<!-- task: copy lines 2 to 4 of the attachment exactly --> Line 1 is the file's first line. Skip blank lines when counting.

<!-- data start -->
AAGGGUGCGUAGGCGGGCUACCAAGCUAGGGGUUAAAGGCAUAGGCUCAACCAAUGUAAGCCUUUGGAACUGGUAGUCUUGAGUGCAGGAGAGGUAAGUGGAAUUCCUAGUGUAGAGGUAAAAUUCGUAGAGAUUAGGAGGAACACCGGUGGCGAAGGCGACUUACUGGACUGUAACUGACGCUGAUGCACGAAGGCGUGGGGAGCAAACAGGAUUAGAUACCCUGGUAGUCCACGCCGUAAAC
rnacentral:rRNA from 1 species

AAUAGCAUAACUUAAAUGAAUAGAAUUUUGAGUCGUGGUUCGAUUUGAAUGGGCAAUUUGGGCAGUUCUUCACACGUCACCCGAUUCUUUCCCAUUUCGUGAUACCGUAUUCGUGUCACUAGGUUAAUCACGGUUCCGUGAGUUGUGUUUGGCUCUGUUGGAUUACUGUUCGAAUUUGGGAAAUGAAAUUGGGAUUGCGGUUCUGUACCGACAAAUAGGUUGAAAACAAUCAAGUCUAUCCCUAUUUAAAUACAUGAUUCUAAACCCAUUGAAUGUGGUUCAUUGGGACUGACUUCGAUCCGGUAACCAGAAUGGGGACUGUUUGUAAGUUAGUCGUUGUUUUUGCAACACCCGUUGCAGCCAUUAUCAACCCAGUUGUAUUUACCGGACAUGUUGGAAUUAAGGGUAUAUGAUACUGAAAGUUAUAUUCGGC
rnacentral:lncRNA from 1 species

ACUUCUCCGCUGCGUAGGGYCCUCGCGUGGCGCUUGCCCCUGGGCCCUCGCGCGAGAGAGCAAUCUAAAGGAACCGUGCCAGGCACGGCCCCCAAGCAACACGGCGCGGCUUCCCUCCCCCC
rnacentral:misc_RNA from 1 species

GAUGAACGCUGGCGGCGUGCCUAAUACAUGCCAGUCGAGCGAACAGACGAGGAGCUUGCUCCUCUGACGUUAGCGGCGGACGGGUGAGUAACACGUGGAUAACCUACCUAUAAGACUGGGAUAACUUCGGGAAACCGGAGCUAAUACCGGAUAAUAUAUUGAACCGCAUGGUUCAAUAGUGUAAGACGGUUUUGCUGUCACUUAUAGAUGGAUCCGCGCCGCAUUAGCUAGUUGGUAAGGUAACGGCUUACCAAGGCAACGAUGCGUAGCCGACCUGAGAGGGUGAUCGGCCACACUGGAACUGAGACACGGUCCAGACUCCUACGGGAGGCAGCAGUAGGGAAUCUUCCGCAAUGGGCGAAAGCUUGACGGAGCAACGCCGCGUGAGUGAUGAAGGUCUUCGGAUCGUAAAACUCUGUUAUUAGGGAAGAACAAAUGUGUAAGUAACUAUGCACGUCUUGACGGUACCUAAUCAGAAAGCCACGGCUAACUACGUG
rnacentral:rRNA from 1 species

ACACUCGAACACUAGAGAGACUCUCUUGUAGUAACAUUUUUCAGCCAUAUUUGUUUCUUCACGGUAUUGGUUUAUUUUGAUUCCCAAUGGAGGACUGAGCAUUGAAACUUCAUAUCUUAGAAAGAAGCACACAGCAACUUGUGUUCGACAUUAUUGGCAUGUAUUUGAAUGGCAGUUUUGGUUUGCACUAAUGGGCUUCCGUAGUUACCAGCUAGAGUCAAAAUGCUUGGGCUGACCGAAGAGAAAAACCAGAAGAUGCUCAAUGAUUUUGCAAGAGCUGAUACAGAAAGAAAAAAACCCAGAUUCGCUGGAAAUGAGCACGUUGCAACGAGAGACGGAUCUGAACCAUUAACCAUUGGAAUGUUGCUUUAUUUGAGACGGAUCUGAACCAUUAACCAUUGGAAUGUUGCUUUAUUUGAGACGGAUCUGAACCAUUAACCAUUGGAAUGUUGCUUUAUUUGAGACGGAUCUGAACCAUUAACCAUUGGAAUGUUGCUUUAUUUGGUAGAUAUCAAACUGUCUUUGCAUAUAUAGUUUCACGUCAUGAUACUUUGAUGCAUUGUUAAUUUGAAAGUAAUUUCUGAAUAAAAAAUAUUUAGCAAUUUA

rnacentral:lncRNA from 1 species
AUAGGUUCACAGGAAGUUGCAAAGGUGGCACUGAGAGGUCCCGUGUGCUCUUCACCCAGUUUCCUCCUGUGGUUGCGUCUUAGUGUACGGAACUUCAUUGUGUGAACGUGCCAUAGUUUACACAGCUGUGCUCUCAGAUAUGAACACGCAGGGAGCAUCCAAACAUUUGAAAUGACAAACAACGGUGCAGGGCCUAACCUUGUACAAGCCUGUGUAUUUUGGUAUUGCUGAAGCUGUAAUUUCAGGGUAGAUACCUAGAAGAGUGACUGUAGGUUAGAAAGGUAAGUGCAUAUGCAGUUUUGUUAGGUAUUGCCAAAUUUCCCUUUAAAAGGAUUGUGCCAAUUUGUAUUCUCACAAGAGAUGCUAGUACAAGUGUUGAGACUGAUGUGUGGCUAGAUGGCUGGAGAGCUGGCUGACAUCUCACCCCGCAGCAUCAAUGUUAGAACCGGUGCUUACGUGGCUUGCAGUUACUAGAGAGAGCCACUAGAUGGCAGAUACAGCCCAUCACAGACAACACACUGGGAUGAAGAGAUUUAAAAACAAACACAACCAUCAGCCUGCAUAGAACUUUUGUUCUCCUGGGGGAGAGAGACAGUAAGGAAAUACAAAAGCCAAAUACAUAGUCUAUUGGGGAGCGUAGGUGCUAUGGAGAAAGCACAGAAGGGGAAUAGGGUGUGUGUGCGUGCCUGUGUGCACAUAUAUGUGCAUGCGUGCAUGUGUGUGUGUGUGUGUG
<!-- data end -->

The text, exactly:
rnacentral:rRNA from 1 species

AAUAGCAUAACUUAAAUGAAUAGAAUUUUGAGUCGUGGUUCGAUUUGAAUGGGCAAUUUGGGCAGUUCUUCACACGUCACCCGAUUCUUUCCCAUUUCGUGAUACCGUAUUCGUGUCACUAGGUUAAUCACGGUUCCGUGAGUUGUGUUUGGCUCUGUUGGAUUACUGUUCGAAUUUGGGAAAUGAAAUUGGGAUUGCGGUUCUGUACCGACAAAUAGGUUGAAAACAAUCAAGUCUAUCCCUAUUUAAAUACAUGAUUCUAAACCCAUUGAAUGUGGUUCAUUGGGACUGACUUCGAUCCGGUAACCAGAAUGGGGACUGUUUGUAAGUUAGUCGUUGUUUUUGCAACACCCGUUGCAGCCAUUAUCAACCCAGUUGUAUUUACCGGACAUGUUGGAAUUAAGGGUAUAUGAUACUGAAAGUUAUAUUCGGC
rnacentral:lncRNA from 1 species